Well, we’d have just destroyed even more of the checks and balances system envisioned by the Framers. The Supreme Court is supposed to be properly interpreting the Constitution in order to rule on whether laws meet that standard or not. If they’re that far out of control that we have to require a 7-justice super-majority, we’re still only patching massive cracks in the dam with surface concrete.
7. Restore the balance of power between the federal and state governments by limiting the former to the powers expressly delegated to it in the Constitution.
It’s already there – why “amend” the Constitution to tell governments to follow the 10th Amendment that already exists?
8. Give state officials the power to sue in federal court when federal officials overstep their bounds.
This is getting into an area I don’t know well enough. I know there are restrictions on who can sue the federal government, but I believe individual human beings should not be the ones doing it in at least this case – it should be a state suing the feds, not a state official. The STATES need to get their acts together. This proposed amendment would STILL require the Court to do the right thing – and that’s a function of society as a whole, who ultimately put them there by electing the official that makes those appointments (the President). If the fruit on the tree is still rotten, nothing good will come of it.
9. Allow a two-thirds majority of the States to override a federal law or regulation.
See answer to #5 above.
No, I’m not in favor of this. Either the United States succeeds based on the Constitution as it now stands, or the United States falls because the PEOPLE “can’t keep it,” as Ben Franklin told the woman who asked what they’d produced. “A Republic – if you can keep it.” Unless society fundamentally changes back to where people (starting early in school) are taught what is really IN the Constitution, and why, and they truly understand balance of power, checks and balances, etc., then we cannot sustain the nation regardless of all the changes people want to make. And let that camel get his nose even a millimeter under the edge of the tent, and he’ll take over.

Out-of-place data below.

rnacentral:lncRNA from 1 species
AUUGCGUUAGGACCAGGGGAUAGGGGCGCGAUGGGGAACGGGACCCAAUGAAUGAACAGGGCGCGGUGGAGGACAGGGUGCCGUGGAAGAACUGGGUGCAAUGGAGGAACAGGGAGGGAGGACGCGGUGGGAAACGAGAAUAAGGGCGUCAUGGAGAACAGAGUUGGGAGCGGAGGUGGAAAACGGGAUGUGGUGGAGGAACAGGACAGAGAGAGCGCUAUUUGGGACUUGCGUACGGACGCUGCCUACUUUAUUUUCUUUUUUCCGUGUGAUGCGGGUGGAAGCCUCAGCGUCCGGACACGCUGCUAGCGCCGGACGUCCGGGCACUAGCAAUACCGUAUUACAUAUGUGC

I thought Greg Abbott was a good and decent man. Now I wonder. Either he’s not what he appeared to be, or he’s got very little understanding of government. That should be very scary, given that he was the Texas Attorney General prior to his run for Governor. And beyond that, his advisers should have their heads examined, in my opinion.
In this day and time, I believe the disloyal opposition would just LOVE to open up the constitutional amendment process. They’d have a field day. Here is just one of many articles that intelligently explore the problems of an Article V Convention.
And if changes are to be made, why ignore both the 16th and 17th Amendments? Income tax? That’s NOT how it was originally supposed to go. And direct election of the U.S. Senate? Again, NOT the way it was originally designed – with fundamentally good reason! I would have to wonder why those two Amendments aren’t even discussed when we hear of the things they want to ADD to the Constitution. Why not whack some things back OUT of the Constitution first? If senators were once again appointed by their respective state legislatures, AND (a huge “and”) if the PEOPLE took an interest and got educated in how government is supposed to work (and hasn’t since just a few decades after the Constitution was signed), perhaps we’d be back on the right track again without having to change the Constitution at all – just UNchange it. If “We the People” won’t force our legislators to do their jobs, all the tinkering in the world won’t make it better. The outcome could make things look like we’re actually following the Constitution today, by comparison. BAD deal!